How to Find Cheaper Last-Minute Flights
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Most savvy travelers know the best way to find cheap flights is to be flexible and plan ahead.
But sometimes things come up — be it pressing business, a family emergency or a spontaneous vacation — and you have to pack your bags within mere days or even hours of flying. Fortunately, there are several tips and tricks for finding a better deal on impromptu airfare. Here’s how to find cheaper last-minute flights no matter when and where you’re flying.
Check prices at nearby airports
If you’re booking a last-minute flight, don’t just search for the airports closest to your current location and destination. Instead, widen your search to include nearby airports. Decide how far you’re willing to travel before you take off and after you land, and include any airports that fall into that radius in search results.
For example, if you’re flying to New York City, you may think JFK is the obvious option, but Newark or La Guardia are sometimes cheaper. Likewise, there are more than five airports in and around London. The one closest to your final destination may not be the cheapest, so check ticket prices for the other airports, too.
There are a few downsides to consider when flying into a cheaper airport that might be farther away. It will likely take longer to get from the airport to your hotel or office if you choose a cheaper flight that goes into a less convenient airport. And don’t forget to factor in the cost of transportation for that increased distance.
In a destination like New York City or London, ubiquitous and inexpensive public transportation options like buses, subways and trains may still be cheaper than an expensive last-minute flight to your intended destination. But in less popular tourist destinations, it may wind up costing you more once you land to save a little bit of cash on your flight.
Platforms like Google Flights or Expedia often offer the option to include nearby airports when searching.
» Learn more: 5 new ways to maximize your travel booking on Google
Search for one-way flights
Another option is to search for one-way flights instead of round-trip. Most airlines price their flights like this anyway for domestic flights at least, but if you search multiple airlines at once, you may just find a good deal on two one-way flights on different airlines. This allows you to choose the cheapest one-way flight in both directions, which has the potential to save you cash.
The downsides may include having to pay for luggage on several different airlines. If, for example, you flew one-way with Southwest (which allows two checked bags per passenger for all flights) and flew with Spirit on the way back, you would have to pay for your checked luggage and your carry-on during the second leg. So be aware that airline luggage policies differ (sometimes vastly).
Google Flights and Skyscanner offer the option to show separate tickets in search results. As you can see, separate tickets can save you $100 in this example from Dallas to Calgary.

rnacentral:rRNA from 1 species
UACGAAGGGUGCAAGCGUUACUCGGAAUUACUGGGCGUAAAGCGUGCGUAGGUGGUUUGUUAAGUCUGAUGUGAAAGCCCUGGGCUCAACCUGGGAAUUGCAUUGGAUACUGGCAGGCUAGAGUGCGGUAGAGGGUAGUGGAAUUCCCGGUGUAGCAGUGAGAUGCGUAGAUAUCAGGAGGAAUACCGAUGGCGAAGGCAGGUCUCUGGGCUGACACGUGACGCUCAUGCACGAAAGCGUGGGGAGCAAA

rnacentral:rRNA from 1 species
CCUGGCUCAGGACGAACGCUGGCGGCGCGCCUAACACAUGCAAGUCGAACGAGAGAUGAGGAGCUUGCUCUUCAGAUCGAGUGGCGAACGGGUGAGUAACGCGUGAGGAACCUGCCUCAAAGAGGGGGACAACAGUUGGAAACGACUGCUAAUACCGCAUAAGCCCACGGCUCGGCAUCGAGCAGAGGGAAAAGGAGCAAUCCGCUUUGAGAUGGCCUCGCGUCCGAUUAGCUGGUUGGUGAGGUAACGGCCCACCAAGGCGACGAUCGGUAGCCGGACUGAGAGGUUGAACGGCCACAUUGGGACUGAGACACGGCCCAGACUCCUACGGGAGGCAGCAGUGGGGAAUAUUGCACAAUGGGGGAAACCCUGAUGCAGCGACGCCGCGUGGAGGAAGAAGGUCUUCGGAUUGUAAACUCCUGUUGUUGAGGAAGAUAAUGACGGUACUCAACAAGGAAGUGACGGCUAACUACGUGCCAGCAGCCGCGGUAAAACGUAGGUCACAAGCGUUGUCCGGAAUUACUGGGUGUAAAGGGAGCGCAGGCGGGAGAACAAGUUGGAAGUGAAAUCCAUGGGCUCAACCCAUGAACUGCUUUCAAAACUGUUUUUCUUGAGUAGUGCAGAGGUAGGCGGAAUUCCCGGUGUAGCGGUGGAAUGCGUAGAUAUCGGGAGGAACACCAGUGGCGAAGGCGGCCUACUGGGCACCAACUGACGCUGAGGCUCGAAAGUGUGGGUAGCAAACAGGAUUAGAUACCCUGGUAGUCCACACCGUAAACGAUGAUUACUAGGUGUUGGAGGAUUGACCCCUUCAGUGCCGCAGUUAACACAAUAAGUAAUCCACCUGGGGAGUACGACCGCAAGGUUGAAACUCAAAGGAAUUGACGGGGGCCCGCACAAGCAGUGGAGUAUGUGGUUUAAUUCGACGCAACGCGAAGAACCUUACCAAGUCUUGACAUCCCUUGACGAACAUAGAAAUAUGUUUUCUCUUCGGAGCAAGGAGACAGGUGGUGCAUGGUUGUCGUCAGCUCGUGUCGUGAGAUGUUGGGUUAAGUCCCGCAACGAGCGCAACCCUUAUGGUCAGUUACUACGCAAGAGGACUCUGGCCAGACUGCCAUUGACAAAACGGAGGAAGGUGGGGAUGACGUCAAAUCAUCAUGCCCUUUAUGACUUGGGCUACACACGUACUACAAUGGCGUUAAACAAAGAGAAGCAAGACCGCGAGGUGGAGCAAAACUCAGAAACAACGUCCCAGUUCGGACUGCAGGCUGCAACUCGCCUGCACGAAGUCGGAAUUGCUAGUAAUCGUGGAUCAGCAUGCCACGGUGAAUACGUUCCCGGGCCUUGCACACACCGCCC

One step further: Search for single legs
A more complicated approach to the above is searching for and booking flights one leg at a time. For example, if you have to book a last-minute flight from Austin to Cincinnati and can only find expensive connecting flights, try searching for flights from Austin to Denver and then Denver to Cincinnati. Since Denver (or Atlanta, Chicago, etc.) is a major airport, there’s the potential to find cheap and direct one-way flights from one destination to the next.
As you can see, a direct flight costs $254 while booking two separate single legs costs as little as $200. The amount you could save will vary by destination.
This practice is risky, however, for multiple reasons. First, even if you do save on airfare, you could run into the same problem with luggage fees as booking one-way flights, even if all your travel legs are on the same airline (you’ll have to pay for luggage for each individual booking). But more importantly, if you miss your second flight because the first was delayed, the airline isn’t responsible — which means you could pay more if you have to rebook your final flight.
That said, searching for single legs of travel to find cheaper last-minute flights is best saved for when you can budget several hours or more between connecting flights.
» Learn more: This new website will help you find a cheap flight
Search for individual tickets if traveling in a group
Another way to potentially save money on last-minute flights (or any flights, for that matter), is to search for individual tickets even if you’re traveling in a group of two or more. Occasionally, you’ll be able to find a lower price on one seat if there’s only one left at that price point. But you’ll only see it if you search for single seats. If you search for flights for two or more, that lower-priced single seat won’t show up.
More lower-cost flights may be available when searching for seats for one person than a family of four.
If you do find a lower-priced single seat on a flight, book it first, then go back for the other seats and book them separately. This could save a fair amount on at least one ticket.
However, know that you probably won’t be sitting together since you booked separately.
» Learn more: Top airline credit cards with companion tickets
Last-minute flight deals are out there
While last-minute flights will frequently cost more than those booked in advance with flexible travel dates, there are ways to find cheaper last-minute flights. Check nearby airports, search for one-way flights, and consider booking one ticket at a time in order to save cash on impromptu travel plans.
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